Logrotate for a Web Server: overview and examples

It’s always important to keep your server logs around for as long as it makes business sense. These maybe required for auditing system access, discovering abuses, or to identify root causes to problems, among other reasons.

The challenge, though, is that depending on the service being provided and the amount of traffic received, your logs are capable of growing to gargantuan sizes, consuming every last bit of disk space available.

Logrotate allows us to better manage our logs to prevent from consuming too much disk space.


Logrotate is installed by default on most recent distributions, so there is nothing to be done other than using it.

Create a Log Rotate Configuration

Logrotate configuration files are stored under /etc/logrotate.d

    /var/www/mysite/log/*.log {
        su www-data www-data
        rotate 8
        create 0640 www-data www-data
            sudo service apache2 reload

Test Your Configuration

As with anything, before you roll your configuration into production you will want to test it to ensure everything works.

Logrotate includes a feature that allows us to run a configuration, in debug mode, without it doing any work. If there are errors discovered in the syntax or some other issues, you will be notified.

    sudo logrotate -d /etc/logrotate.d/mysite.conf

Depending on how long your web server has run, the output may vary. Below an example for a new web server instance.

    empty log files are not rotated, old logs are removed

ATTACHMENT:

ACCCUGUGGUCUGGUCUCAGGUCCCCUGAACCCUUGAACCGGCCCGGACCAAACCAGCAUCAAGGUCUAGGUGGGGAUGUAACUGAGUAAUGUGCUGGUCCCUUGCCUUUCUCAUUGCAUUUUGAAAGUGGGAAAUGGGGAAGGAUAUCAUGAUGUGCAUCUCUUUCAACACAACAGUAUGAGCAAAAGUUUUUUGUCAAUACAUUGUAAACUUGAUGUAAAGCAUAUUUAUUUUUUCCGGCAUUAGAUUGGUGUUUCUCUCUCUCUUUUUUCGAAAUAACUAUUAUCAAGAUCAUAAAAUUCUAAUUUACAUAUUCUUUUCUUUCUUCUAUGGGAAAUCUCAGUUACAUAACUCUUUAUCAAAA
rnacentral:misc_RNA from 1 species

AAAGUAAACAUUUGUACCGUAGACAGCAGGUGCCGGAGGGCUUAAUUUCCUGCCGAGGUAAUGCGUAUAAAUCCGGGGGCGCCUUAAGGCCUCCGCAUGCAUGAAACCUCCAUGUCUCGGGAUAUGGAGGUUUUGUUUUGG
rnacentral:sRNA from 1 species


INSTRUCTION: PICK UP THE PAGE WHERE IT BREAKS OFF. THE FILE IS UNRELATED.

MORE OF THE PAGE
considering log /var/www/mysite/log/access_log
      log does not need rotating
    considering log /var/www/mysite/log/error_log
      log does not need rotating
    not running postrotate script, since no logs were rotated

None of the logs were rotated since I ran the test on a server that was newly built. However, if the logs had more content and were aged a little more, we would see a message indicating our logs were rotated. For now, we can take this as our configuration file syntax is correct.

Run your configuration

Whether you are ready to run it for the first time or execute one-off, you can run your configuration file with the following command.

    sudo logrotate --force /etc/logrotate.d/mysite.conf

Hey, I’m getting an error. What am I doing wrong?

Before you start panicking, do consider the following most common mistakes:

  1. Ensure no clashing instructions exists in your configuration file. For instance setting both the size and daily at the same time will make the script failing.
  2. Ensure the file in /etc/logrotate.d/mysite.conf is owned by the root user. To do so use sudo chown root:root /etc/logrotate.d/mysite.conf.
  3. Ensure the file in /etc/logrotate.d/mysite.conf has the 644 permission at least. Again, you can change it with a sudo chmod 644 /etc/logrotate.d/mysite.conf.
  4. If you save your log files (as I do) in the webserver folder - so I can later SSH on them - ensure your files are managed with the users permission of your destination folder. For example, my log files are owned by www-data:www-data, then I add su www-data www-data to /etc/logrotate.d/mysite.conf.